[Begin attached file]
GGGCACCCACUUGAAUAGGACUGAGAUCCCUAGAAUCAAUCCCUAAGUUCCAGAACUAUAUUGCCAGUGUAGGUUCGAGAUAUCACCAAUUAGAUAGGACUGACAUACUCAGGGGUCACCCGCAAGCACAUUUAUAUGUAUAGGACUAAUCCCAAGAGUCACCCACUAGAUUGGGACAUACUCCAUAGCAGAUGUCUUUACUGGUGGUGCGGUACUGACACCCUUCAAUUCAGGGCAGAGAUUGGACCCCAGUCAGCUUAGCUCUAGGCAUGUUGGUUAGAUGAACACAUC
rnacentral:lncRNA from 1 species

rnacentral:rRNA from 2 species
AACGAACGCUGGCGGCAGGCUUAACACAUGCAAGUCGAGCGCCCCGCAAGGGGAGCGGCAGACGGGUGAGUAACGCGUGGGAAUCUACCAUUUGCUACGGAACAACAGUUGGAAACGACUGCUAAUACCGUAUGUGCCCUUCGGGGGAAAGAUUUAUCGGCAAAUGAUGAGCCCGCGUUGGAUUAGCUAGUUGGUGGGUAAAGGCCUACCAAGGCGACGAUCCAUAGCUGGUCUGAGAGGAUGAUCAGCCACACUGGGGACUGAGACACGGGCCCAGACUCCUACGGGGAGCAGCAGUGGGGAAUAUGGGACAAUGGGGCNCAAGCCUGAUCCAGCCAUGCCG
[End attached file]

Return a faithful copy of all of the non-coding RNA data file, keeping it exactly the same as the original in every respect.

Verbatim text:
GGGCACCCACUUGAAUAGGACUGAGAUCCCUAGAAUCAAUCCCUAAGUUCCAGAACUAUAUUGCCAGUGUAGGUUCGAGAUAUCACCAAUUAGAUAGGACUGACAUACUCAGGGGUCACCCGCAAGCACAUUUAUAUGUAUAGGACUAAUCCCAAGAGUCACCCACUAGAUUGGGACAUACUCCAUAGCAGAUGUCUUUACUGGUGGUGCGGUACUGACACCCUUCAAUUCAGGGCAGAGAUUGGACCCCAGUCAGCUUAGCUCUAGGCAUGUUGGUUAGAUGAACACAUC
rnacentral:lncRNA from 1 species

rnacentral:rRNA from 2 species
AACGAACGCUGGCGGCAGGCUUAACACAUGCAAGUCGAGCGCCCCGCAAGGGGAGCGGCAGACGGGUGAGUAACGCGUGGGAAUCUACCAUUUGCUACGGAACAACAGUUGGAAACGACUGCUAAUACCGUAUGUGCCCUUCGGGGGAAAGAUUUAUCGGCAAAUGAUGAGCCCGCGUUGGAUUAGCUAGUUGGUGGGUAAAGGCCUACCAAGGCGACGAUCCAUAGCUGGUCUGAGAGGAUGAUCAGCCACACUGGGGACUGAGACACGGGCCCAGACUCCUACGGGGAGCAGCAGUGGGGAAUAUGGGACAAUGGGGCNCAAGCCUGAUCCAGCCAUGCCG